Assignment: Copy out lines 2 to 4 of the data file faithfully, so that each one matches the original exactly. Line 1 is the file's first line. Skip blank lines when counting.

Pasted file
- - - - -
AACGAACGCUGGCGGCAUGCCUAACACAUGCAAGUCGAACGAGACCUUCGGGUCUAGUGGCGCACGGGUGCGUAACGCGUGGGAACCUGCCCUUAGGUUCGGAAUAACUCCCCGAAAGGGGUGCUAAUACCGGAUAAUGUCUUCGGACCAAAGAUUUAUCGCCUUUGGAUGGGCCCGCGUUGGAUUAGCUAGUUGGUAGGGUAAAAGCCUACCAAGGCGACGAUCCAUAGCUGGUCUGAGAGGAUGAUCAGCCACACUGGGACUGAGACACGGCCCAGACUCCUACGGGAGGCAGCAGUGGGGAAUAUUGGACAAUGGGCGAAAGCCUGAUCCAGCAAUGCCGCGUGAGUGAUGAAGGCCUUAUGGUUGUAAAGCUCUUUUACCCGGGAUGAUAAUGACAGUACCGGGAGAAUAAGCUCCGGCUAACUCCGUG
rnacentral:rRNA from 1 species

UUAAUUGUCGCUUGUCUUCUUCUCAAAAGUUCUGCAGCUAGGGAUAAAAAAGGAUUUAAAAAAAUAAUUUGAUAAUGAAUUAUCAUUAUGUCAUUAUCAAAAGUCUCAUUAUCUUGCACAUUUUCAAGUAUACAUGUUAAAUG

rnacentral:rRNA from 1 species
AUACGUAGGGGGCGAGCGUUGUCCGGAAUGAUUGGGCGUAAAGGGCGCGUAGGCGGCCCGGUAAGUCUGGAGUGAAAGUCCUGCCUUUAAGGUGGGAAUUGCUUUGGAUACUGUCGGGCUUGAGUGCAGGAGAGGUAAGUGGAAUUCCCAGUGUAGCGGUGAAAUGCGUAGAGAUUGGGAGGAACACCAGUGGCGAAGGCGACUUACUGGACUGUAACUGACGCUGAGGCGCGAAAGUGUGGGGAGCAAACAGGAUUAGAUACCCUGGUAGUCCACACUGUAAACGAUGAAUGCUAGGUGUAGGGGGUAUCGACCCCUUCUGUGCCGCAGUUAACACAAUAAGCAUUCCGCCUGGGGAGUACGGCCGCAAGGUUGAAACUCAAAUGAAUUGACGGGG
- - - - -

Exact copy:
rnacentral:rRNA from 1 species

UUAAUUGUCGCUUGUCUUCUUCUCAAAAGUUCUGCAGCUAGGGAUAAAAAAGGAUUUAAAAAAAUAAUUUGAUAAUGAAUUAUCAUUAUGUCAUUAUCAAAAGUCUCAUUAUCUUGCACAUUUUCAAGUAUACAUGUUAAAUG

rnacentral:rRNA from 1 species